Smuin choreographed Bouquet to the music of Shostakovich, and Linzer dances the pas de deux with Cornwell.

“It’s a beautiful, sexy story set in Hawaii with the woman on the beach and the man coming out of the water,” Linzer says. “They make love and it’s very intense, light but heavy. Very loving. It’s fun to have a character and a role.”

Linzer has another character in the program of three works. He plays the character Bigelow, noted by his green zoot suit, in St. Louis Woman: A Blues Ballet, originally conceived to the music of Harold Arlen by the Dance Theatre of Harlem in 2003. He also dances in the third piece, The Naughty Boy! created by Trey McIntyre.

“I like variety in my world,” Linzer says. “I get to dance and be beautiful, but then with a piece like St. Louis Woman, I get to act as well, and that brings a whole new dimension to performance.”

Robin_Cornwell_Matt Linzer_Photo_by_Marty_Sohl

The 27-year-old Linzer grew up outside of Washington, D.C., and pretty early on his parents saw that he was a dancer. Even before he was in kindergarten, Linzer was taking weekend dance classes and ended up at prestigious Juilliard for 2 ½ years.

Having previously danced with Bowen McCauley Dance, Ballet Memphis and Oakland Ballet, Linzer lives the life of a professional dancer, which means when he’s not rehearsing or performing, he’s probably taking care of himself. It’s a hard life for friends to fully understand. He works from 9:30 a.m. to 4 p.m. Monday through Friday and 11 a.m. to 5:30 p.m. Sundays. A sufficient amount of rest is essential to body maintenance, as are occasional Epsom salt baths, massages, stretching sessions, icing sessions and trips to the chiropractor.

“It’s a lifestyle, not just a job,” Linzer says. “When I go home, I’m exhausted. I have a lot of friends outside the dance world, and they want to go out and do something, but I can’t always go because at 9 a.m., I’m going to be lifting girls.”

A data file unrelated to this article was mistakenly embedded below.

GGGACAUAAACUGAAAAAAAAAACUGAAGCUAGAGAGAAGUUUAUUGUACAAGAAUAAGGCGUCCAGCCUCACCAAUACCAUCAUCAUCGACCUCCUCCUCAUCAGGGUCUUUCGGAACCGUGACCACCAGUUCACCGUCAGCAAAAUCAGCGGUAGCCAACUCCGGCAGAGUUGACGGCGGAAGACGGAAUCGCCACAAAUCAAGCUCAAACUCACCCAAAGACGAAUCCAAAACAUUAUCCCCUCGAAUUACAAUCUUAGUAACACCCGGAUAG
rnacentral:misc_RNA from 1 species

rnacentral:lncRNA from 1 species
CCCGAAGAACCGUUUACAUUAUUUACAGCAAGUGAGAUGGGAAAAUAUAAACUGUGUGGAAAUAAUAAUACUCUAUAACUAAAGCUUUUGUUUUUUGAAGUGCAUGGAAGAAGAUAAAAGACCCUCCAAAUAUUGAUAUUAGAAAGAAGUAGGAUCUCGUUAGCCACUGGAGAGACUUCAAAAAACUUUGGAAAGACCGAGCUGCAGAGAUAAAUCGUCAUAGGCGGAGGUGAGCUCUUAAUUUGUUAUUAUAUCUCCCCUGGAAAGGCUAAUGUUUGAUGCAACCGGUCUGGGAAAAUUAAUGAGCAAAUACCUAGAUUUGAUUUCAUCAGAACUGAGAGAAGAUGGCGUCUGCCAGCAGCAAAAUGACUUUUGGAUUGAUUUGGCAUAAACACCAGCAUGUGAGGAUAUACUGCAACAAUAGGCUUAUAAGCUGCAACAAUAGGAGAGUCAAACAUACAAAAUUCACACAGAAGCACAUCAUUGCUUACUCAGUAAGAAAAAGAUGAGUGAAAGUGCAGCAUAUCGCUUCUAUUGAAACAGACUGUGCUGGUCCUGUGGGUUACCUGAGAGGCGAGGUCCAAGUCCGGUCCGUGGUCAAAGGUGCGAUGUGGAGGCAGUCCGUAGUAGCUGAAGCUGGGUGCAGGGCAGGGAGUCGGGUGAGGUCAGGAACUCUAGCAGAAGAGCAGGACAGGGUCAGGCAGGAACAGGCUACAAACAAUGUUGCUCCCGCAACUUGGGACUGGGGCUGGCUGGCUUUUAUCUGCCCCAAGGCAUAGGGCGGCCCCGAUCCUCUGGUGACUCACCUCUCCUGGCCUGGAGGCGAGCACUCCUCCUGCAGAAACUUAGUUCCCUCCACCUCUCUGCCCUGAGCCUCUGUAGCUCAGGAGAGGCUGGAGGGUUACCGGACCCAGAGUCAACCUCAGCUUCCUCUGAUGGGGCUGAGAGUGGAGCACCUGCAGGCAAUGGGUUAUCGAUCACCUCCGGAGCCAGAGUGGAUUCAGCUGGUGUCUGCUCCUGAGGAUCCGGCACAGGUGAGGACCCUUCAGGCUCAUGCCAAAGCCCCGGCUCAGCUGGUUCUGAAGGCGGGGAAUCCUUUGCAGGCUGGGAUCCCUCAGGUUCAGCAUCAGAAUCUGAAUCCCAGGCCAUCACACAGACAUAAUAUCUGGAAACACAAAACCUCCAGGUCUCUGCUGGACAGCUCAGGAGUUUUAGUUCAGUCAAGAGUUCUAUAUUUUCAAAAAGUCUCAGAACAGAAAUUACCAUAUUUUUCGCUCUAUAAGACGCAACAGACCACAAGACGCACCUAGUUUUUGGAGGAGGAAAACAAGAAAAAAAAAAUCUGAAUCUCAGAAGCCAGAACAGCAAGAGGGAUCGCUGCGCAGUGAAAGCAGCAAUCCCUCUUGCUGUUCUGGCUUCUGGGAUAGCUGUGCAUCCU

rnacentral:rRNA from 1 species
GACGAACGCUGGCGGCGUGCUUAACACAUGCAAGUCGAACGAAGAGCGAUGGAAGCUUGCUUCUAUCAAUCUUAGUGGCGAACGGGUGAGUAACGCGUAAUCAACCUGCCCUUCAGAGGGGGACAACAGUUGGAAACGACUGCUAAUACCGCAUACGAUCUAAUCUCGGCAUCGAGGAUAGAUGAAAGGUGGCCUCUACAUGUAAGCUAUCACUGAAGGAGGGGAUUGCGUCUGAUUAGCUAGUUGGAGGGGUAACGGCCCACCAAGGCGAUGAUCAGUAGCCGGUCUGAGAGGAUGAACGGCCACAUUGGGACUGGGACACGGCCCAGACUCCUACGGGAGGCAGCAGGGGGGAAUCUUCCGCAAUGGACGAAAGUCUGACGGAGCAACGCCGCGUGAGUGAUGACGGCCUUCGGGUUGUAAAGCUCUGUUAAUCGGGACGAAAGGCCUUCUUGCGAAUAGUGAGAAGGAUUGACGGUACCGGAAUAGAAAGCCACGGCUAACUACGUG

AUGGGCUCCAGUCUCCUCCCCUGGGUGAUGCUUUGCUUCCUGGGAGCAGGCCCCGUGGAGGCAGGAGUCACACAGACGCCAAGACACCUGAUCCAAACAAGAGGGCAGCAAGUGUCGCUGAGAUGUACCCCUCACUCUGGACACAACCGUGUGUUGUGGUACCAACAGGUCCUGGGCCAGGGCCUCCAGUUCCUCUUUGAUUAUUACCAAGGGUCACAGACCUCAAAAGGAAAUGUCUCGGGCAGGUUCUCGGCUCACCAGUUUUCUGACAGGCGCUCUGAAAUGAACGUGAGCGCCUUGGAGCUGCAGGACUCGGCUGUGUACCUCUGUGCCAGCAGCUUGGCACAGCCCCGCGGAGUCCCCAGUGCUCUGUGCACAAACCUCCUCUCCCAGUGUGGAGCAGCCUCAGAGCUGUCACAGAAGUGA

Not that Linzer is complaining. He still manages to get to concerts (he recently saw the Fleet Foxes at the new Fox in Oakland) and spend time with his boyfriend. He says he loves his job and knows how lucky he is to be able to do it. And then there’s the relatively short shelf life of a dancer. Most professional dance careers are over between the ages of 30 and 40, which means Linzer has about a decade left of dancing.

“I know it will be time to go when the pain begins to outweigh the passion,” he says.

Linzer is enthusiastic about pursuing choreography, which he has done for the last two years in Smuin’s choreographic workshop in which dancers create dances for one another. Earlier this year, Linzer created the dance piece The Sound of a Circle, which was inspired by a trip he took to Israel several summers ago.

“When I was in Israel, I was struck by the contrast of the young and hip and the old and traditional,” Linzer recalls. “Creating that piece touched a different side of me. I think people in the audience were amazed by the variety of classical dance, hip-hop and humor. I like to reassure the dance audience. People tend to be afraid of the formality and don’t’ trust what they’re watching. People need to know that whatever they’re seeing, however they’re responding to it, that’s correct. There’s no such thing as a wrong answer.”


Inevitably, people tend to see Matthew Linzer’s life as a dancer through the lens of whatever ballet movie they’ve happened to see most recently.

Linzer is not a fan of such hits as CenterStage or The Company. He deems those “awful.” But he does recommend Ballets Russes, Paul Taylor: Dancemaker and Billy Elliot.



Smuin Ballet’s Spring Program performs May 8-17 at Yerba Buena Center for the Arts in San Francisco (tickets $18-$50), May 23-24 at the Lesher Center for the Arts in Walnut Creek ($40-$55), May 27-31 at the Mountain View Center for Performing Arts in Mountain View ($40-$55). Call 415-495-2234 or visit for information.